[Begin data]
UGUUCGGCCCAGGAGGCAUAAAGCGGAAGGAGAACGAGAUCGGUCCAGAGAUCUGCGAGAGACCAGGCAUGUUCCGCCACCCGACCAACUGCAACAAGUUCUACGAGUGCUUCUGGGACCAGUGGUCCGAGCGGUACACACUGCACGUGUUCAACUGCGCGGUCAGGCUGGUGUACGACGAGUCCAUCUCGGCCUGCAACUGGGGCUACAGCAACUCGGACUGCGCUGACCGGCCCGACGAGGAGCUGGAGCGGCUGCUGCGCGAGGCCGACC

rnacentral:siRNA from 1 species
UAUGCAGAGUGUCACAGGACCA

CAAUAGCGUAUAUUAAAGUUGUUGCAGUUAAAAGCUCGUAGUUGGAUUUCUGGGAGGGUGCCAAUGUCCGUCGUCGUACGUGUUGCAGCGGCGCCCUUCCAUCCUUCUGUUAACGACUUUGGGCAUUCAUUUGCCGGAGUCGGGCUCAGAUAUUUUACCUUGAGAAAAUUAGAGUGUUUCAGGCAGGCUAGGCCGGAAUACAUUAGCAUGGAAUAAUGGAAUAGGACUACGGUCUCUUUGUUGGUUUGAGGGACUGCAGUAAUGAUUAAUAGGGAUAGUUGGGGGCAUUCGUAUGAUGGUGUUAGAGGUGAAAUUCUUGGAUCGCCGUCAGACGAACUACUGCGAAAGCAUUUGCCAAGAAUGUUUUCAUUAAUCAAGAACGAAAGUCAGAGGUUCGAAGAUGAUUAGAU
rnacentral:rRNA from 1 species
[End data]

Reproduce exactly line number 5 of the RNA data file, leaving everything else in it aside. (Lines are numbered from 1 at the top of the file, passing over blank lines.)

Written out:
rnacentral:rRNA from 1 species